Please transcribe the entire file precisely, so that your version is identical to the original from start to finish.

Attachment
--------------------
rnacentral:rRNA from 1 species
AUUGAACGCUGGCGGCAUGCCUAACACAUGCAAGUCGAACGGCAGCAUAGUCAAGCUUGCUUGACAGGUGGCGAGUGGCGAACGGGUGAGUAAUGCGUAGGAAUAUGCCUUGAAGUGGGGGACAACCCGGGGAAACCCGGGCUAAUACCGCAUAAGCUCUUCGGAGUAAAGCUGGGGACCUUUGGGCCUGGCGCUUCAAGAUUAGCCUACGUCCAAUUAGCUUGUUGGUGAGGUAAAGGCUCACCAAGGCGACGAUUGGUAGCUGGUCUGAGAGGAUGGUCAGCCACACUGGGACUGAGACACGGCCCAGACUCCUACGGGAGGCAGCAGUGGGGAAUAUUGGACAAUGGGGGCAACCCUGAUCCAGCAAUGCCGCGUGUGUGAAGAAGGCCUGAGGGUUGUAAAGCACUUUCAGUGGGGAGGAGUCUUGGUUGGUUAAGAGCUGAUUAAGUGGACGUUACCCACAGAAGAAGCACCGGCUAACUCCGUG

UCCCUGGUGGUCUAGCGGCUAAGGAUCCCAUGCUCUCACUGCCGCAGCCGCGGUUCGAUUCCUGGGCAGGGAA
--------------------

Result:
rnacentral:rRNA from 1 species
AUUGAACGCUGGCGGCAUGCCUAACACAUGCAAGUCGAACGGCAGCAUAGUCAAGCUUGCUUGACAGGUGGCGAGUGGCGAACGGGUGAGUAAUGCGUAGGAAUAUGCCUUGAAGUGGGGGACAACCCGGGGAAACCCGGGCUAAUACCGCAUAAGCUCUUCGGAGUAAAGCUGGGGACCUUUGGGCCUGGCGCUUCAAGAUUAGCCUACGUCCAAUUAGCUUGUUGGUGAGGUAAAGGCUCACCAAGGCGACGAUUGGUAGCUGGUCUGAGAGGAUGGUCAGCCACACUGGGACUGAGACACGGCCCAGACUCCUACGGGAGGCAGCAGUGGGGAAUAUUGGACAAUGGGGGCAACCCUGAUCCAGCAAUGCCGCGUGUGUGAAGAAGGCCUGAGGGUUGUAAAGCACUUUCAGUGGGGAGGAGUCUUGGUUGGUUAAGAGCUGAUUAAGUGGACGUUACCCACAGAAGAAGCACCGGCUAACUCCGUG

UCCCUGGUGGUCUAGCGGCUAAGGAUCCCAUGCUCUCACUGCCGCAGCCGCGGUUCGAUUCCUGGGCAGGGAA